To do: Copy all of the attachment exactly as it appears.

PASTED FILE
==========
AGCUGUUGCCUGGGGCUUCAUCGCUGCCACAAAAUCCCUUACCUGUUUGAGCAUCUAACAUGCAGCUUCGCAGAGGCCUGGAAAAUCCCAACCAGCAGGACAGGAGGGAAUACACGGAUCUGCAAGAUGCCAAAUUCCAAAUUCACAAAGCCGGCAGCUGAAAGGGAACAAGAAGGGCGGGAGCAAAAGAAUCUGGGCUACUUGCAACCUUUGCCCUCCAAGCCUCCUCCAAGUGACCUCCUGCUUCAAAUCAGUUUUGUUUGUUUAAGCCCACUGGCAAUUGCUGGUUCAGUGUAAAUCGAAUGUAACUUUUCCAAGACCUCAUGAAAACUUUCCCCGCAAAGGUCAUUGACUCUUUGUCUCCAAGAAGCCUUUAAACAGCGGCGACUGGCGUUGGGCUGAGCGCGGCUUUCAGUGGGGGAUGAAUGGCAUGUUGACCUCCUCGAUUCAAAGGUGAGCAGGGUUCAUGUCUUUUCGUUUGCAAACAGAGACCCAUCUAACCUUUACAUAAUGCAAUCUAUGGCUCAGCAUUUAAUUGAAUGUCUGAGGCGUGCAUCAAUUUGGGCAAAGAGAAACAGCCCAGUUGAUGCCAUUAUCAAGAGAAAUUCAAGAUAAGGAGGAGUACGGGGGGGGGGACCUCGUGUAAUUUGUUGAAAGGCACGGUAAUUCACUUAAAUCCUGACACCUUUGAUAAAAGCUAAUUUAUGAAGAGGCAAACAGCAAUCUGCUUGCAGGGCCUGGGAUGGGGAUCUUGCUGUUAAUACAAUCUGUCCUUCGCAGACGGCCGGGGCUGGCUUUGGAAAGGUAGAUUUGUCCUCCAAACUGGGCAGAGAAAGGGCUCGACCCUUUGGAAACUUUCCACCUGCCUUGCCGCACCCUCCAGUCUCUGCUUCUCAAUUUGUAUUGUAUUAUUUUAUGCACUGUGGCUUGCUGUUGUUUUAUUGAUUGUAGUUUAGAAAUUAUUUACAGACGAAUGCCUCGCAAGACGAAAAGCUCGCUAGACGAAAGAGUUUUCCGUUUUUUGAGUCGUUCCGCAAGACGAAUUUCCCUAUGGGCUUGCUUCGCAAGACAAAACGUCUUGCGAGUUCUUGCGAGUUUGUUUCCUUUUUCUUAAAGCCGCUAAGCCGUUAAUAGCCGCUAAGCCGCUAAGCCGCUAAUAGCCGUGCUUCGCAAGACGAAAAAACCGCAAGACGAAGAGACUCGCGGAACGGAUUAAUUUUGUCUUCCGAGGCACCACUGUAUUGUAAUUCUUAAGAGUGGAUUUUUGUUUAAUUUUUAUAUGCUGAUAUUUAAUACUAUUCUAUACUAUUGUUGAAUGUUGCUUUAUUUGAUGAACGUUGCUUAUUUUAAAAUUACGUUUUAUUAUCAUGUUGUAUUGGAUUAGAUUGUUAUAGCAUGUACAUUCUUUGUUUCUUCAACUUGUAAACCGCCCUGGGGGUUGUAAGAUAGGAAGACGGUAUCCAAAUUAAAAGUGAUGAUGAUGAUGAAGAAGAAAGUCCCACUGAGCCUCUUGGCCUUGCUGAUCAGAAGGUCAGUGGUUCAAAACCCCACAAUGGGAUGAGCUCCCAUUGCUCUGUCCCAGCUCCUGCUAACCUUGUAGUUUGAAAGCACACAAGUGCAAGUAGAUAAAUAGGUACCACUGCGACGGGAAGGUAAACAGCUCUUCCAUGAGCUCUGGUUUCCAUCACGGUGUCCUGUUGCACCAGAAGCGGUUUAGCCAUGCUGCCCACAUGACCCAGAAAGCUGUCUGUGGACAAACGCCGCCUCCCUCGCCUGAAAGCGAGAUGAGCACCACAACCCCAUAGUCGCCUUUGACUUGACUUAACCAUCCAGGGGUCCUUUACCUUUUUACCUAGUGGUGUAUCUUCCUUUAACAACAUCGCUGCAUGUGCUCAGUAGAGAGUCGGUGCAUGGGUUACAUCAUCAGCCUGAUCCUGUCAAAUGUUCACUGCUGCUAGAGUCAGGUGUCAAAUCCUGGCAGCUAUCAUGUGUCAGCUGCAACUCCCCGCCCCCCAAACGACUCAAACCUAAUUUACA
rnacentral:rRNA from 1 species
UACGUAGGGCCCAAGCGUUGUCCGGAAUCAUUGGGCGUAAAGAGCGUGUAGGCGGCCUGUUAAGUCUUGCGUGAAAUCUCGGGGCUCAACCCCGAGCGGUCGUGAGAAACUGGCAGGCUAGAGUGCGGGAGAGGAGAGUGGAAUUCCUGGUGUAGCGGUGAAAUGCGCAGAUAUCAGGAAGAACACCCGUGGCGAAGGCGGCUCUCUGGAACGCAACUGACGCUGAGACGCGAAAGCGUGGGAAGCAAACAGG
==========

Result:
AGCUGUUGCCUGGGGCUUCAUCGCUGCCACAAAAUCCCUUACCUGUUUGAGCAUCUAACAUGCAGCUUCGCAGAGGCCUGGAAAAUCCCAACCAGCAGGACAGGAGGGAAUACACGGAUCUGCAAGAUGCCAAAUUCCAAAUUCACAAAGCCGGCAGCUGAAAGGGAACAAGAAGGGCGGGAGCAAAAGAAUCUGGGCUACUUGCAACCUUUGCCCUCCAAGCCUCCUCCAAGUGACCUCCUGCUUCAAAUCAGUUUUGUUUGUUUAAGCCCACUGGCAAUUGCUGGUUCAGUGUAAAUCGAAUGUAACUUUUCCAAGACCUCAUGAAAACUUUCCCCGCAAAGGUCAUUGACUCUUUGUCUCCAAGAAGCCUUUAAACAGCGGCGACUGGCGUUGGGCUGAGCGCGGCUUUCAGUGGGGGAUGAAUGGCAUGUUGACCUCCUCGAUUCAAAGGUGAGCAGGGUUCAUGUCUUUUCGUUUGCAAACAGAGACCCAUCUAACCUUUACAUAAUGCAAUCUAUGGCUCAGCAUUUAAUUGAAUGUCUGAGGCGUGCAUCAAUUUGGGCAAAGAGAAACAGCCCAGUUGAUGCCAUUAUCAAGAGAAAUUCAAGAUAAGGAGGAGUACGGGGGGGGGGACCUCGUGUAAUUUGUUGAAAGGCACGGUAAUUCACUUAAAUCCUGACACCUUUGAUAAAAGCUAAUUUAUGAAGAGGCAAACAGCAAUCUGCUUGCAGGGCCUGGGAUGGGGAUCUUGCUGUUAAUACAAUCUGUCCUUCGCAGACGGCCGGGGCUGGCUUUGGAAAGGUAGAUUUGUCCUCCAAACUGGGCAGAGAAAGGGCUCGACCCUUUGGAAACUUUCCACCUGCCUUGCCGCACCCUCCAGUCUCUGCUUCUCAAUUUGUAUUGUAUUAUUUUAUGCACUGUGGCUUGCUGUUGUUUUAUUGAUUGUAGUUUAGAAAUUAUUUACAGACGAAUGCCUCGCAAGACGAAAAGCUCGCUAGACGAAAGAGUUUUCCGUUUUUUGAGUCGUUCCGCAAGACGAAUUUCCCUAUGGGCUUGCUUCGCAAGACAAAACGUCUUGCGAGUUCUUGCGAGUUUGUUUCCUUUUUCUUAAAGCCGCUAAGCCGUUAAUAGCCGCUAAGCCGCUAAGCCGCUAAUAGCCGUGCUUCGCAAGACGAAAAAACCGCAAGACGAAGAGACUCGCGGAACGGAUUAAUUUUGUCUUCCGAGGCACCACUGUAUUGUAAUUCUUAAGAGUGGAUUUUUGUUUAAUUUUUAUAUGCUGAUAUUUAAUACUAUUCUAUACUAUUGUUGAAUGUUGCUUUAUUUGAUGAACGUUGCUUAUUUUAAAAUUACGUUUUAUUAUCAUGUUGUAUUGGAUUAGAUUGUUAUAGCAUGUACAUUCUUUGUUUCUUCAACUUGUAAACCGCCCUGGGGGUUGUAAGAUAGGAAGACGGUAUCCAAAUUAAAAGUGAUGAUGAUGAUGAAGAAGAAAGUCCCACUGAGCCUCUUGGCCUUGCUGAUCAGAAGGUCAGUGGUUCAAAACCCCACAAUGGGAUGAGCUCCCAUUGCUCUGUCCCAGCUCCUGCUAACCUUGUAGUUUGAAAGCACACAAGUGCAAGUAGAUAAAUAGGUACCACUGCGACGGGAAGGUAAACAGCUCUUCCAUGAGCUCUGGUUUCCAUCACGGUGUCCUGUUGCACCAGAAGCGGUUUAGCCAUGCUGCCCACAUGACCCAGAAAGCUGUCUGUGGACAAACGCCGCCUCCCUCGCCUGAAAGCGAGAUGAGCACCACAACCCCAUAGUCGCCUUUGACUUGACUUAACCAUCCAGGGGUCCUUUACCUUUUUACCUAGUGGUGUAUCUUCCUUUAACAACAUCGCUGCAUGUGCUCAGUAGAGAGUCGGUGCAUGGGUUACAUCAUCAGCCUGAUCCUGUCAAAUGUUCACUGCUGCUAGAGUCAGGUGUCAAAUCCUGGCAGCUAUCAUGUGUCAGCUGCAACUCCCCGCCCCCCAAACGACUCAAACCUAAUUUACA
rnacentral:rRNA from 1 species
UACGUAGGGCCCAAGCGUUGUCCGGAAUCAUUGGGCGUAAAGAGCGUGUAGGCGGCCUGUUAAGUCUUGCGUGAAAUCUCGGGGCUCAACCCCGAGCGGUCGUGAGAAACUGGCAGGCUAGAGUGCGGGAGAGGAGAGUGGAAUUCCUGGUGUAGCGGUGAAAUGCGCAGAUAUCAGGAAGAACACCCGUGGCGAAGGCGGCUCUCUGGAACGCAACUGACGCUGAGACGCGAAAGCGUGGGAAGCAAACAGG